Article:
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Recent Trends in Insured and Uninsured Unemployment: Is There an Explanation?

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  • Rebecca M. Blank
  • David E. Card

Abstract

This paper explores the recent decline in the fraction of unemployed workers who receive unemployment insurance benefits. Using March Current Population Surveys, we compare the fraction who are potentially eligible for benefits with the fraction who receive them. The decline in insured unemployment is almost entirely due to a decline in the early 1980s in the takeup rate for benefits. We analyze the determinants of the takeup rate, using both aggregated state-level data and micro-data. At least half the decline is due to an increasing share of unemployment in states with lower takeup rates.

Suggested Citation

  • Rebecca M. Blank & David E. Card, 1991. "Recent Trends in Insured and Uninsured Unemployment: Is There an Explanation?," The Quarterly Journal of Economics, Oxford University Press, vol. 106(4), pages 1157-1189.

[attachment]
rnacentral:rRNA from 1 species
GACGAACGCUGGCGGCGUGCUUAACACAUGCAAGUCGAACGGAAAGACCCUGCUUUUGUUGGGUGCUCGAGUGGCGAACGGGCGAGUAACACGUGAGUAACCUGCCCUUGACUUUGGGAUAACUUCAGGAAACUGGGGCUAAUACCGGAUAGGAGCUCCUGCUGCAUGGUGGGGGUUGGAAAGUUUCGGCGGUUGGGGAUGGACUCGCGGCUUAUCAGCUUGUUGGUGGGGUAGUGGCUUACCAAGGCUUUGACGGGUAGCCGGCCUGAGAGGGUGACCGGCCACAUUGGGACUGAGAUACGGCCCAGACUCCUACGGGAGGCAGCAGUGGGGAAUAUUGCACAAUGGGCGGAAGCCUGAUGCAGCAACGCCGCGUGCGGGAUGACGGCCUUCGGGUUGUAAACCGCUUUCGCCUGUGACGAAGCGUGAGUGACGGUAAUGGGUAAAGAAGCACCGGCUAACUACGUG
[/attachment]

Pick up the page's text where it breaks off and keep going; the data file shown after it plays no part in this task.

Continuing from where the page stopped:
• Handle: RePEc:oup:qjecon:v:106:y:1991:i:4:p:1157-1189.
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    File URL: http://hdl.handle.net/10.2307/2937960
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    1. Gary Burtless, 1983. "Why Is Insured Unemployment So Low?," Brookings Papers on Economic Activity, Economic Studies Program, The Brookings Institution, vol. 14(1), pages 225-254.
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    JEL classification:

    • G10 - Financial Economics - - General Financial Markets - - - General (includes Measurement and Data)

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